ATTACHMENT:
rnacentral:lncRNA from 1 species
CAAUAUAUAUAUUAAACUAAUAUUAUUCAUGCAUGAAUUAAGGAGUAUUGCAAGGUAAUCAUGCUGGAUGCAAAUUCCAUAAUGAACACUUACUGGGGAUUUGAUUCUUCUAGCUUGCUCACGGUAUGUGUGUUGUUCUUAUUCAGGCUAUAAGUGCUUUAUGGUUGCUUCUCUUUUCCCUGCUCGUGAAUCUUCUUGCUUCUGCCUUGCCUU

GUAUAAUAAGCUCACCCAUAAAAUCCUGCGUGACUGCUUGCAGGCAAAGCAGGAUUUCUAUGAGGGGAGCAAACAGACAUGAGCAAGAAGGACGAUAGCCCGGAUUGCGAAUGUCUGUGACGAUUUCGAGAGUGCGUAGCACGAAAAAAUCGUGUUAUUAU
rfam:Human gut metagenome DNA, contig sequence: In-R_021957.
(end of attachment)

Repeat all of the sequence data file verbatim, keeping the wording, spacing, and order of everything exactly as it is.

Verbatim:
rnacentral:lncRNA from 1 species
CAAUAUAUAUAUUAAACUAAUAUUAUUCAUGCAUGAAUUAAGGAGUAUUGCAAGGUAAUCAUGCUGGAUGCAAAUUCCAUAAUGAACACUUACUGGGGAUUUGAUUCUUCUAGCUUGCUCACGGUAUGUGUGUUGUUCUUAUUCAGGCUAUAAGUGCUUUAUGGUUGCUUCUCUUUUCCCUGCUCGUGAAUCUUCUUGCUUCUGCCUUGCCUU

GUAUAAUAAGCUCACCCAUAAAAUCCUGCGUGACUGCUUGCAGGCAAAGCAGGAUUUCUAUGAGGGGAGCAAACAGACAUGAGCAAGAAGGACGAUAGCCCGGAUUGCGAAUGUCUGUGACGAUUUCGAGAGUGCGUAGCACGAAAAAAUCGUGUUAUUAU
rfam:Human gut metagenome DNA, contig sequence: In-R_021957.